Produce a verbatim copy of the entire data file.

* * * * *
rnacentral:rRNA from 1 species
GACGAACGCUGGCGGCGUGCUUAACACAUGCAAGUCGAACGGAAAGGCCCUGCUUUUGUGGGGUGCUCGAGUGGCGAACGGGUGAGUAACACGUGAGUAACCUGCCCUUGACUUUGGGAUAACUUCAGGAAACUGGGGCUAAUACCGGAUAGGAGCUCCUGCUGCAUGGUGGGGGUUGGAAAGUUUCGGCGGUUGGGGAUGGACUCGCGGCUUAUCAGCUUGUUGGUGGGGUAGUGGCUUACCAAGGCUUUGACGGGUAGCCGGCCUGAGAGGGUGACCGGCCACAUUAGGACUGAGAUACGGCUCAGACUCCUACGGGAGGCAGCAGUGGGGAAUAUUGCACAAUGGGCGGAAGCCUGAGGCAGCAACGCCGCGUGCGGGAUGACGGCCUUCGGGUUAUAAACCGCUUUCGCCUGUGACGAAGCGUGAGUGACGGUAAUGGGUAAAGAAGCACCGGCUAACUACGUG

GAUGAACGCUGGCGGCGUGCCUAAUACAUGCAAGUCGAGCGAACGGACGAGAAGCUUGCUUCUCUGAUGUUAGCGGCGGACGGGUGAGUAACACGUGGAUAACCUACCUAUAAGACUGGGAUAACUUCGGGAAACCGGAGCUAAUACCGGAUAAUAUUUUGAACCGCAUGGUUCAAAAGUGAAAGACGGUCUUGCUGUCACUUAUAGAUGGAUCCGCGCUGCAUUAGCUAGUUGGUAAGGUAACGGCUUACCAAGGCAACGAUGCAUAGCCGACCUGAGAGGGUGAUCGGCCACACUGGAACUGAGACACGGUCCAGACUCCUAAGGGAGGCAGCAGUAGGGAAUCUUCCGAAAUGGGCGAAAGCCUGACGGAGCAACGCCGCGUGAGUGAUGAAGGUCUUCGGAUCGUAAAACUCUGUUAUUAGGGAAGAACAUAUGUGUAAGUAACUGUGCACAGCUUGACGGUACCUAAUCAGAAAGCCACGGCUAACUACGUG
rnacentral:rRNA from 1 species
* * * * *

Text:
rnacentral:rRNA from 1 species
GACGAACGCUGGCGGCGUGCUUAACACAUGCAAGUCGAACGGAAAGGCCCUGCUUUUGUGGGGUGCUCGAGUGGCGAACGGGUGAGUAACACGUGAGUAACCUGCCCUUGACUUUGGGAUAACUUCAGGAAACUGGGGCUAAUACCGGAUAGGAGCUCCUGCUGCAUGGUGGGGGUUGGAAAGUUUCGGCGGUUGGGGAUGGACUCGCGGCUUAUCAGCUUGUUGGUGGGGUAGUGGCUUACCAAGGCUUUGACGGGUAGCCGGCCUGAGAGGGUGACCGGCCACAUUAGGACUGAGAUACGGCUCAGACUCCUACGGGAGGCAGCAGUGGGGAAUAUUGCACAAUGGGCGGAAGCCUGAGGCAGCAACGCCGCGUGCGGGAUGACGGCCUUCGGGUUAUAAACCGCUUUCGCCUGUGACGAAGCGUGAGUGACGGUAAUGGGUAAAGAAGCACCGGCUAACUACGUG

GAUGAACGCUGGCGGCGUGCCUAAUACAUGCAAGUCGAGCGAACGGACGAGAAGCUUGCUUCUCUGAUGUUAGCGGCGGACGGGUGAGUAACACGUGGAUAACCUACCUAUAAGACUGGGAUAACUUCGGGAAACCGGAGCUAAUACCGGAUAAUAUUUUGAACCGCAUGGUUCAAAAGUGAAAGACGGUCUUGCUGUCACUUAUAGAUGGAUCCGCGCUGCAUUAGCUAGUUGGUAAGGUAACGGCUUACCAAGGCAACGAUGCAUAGCCGACCUGAGAGGGUGAUCGGCCACACUGGAACUGAGACACGGUCCAGACUCCUAAGGGAGGCAGCAGUAGGGAAUCUUCCGAAAUGGGCGAAAGCCUGACGGAGCAACGCCGCGUGAGUGAUGAAGGUCUUCGGAUCGUAAAACUCUGUUAUUAGGGAAGAACAUAUGUGUAAGUAACUGUGCACAGCUUGACGGUACCUAAUCAGAAAGCCACGGCUAACUACGUG
rnacentral:rRNA from 1 species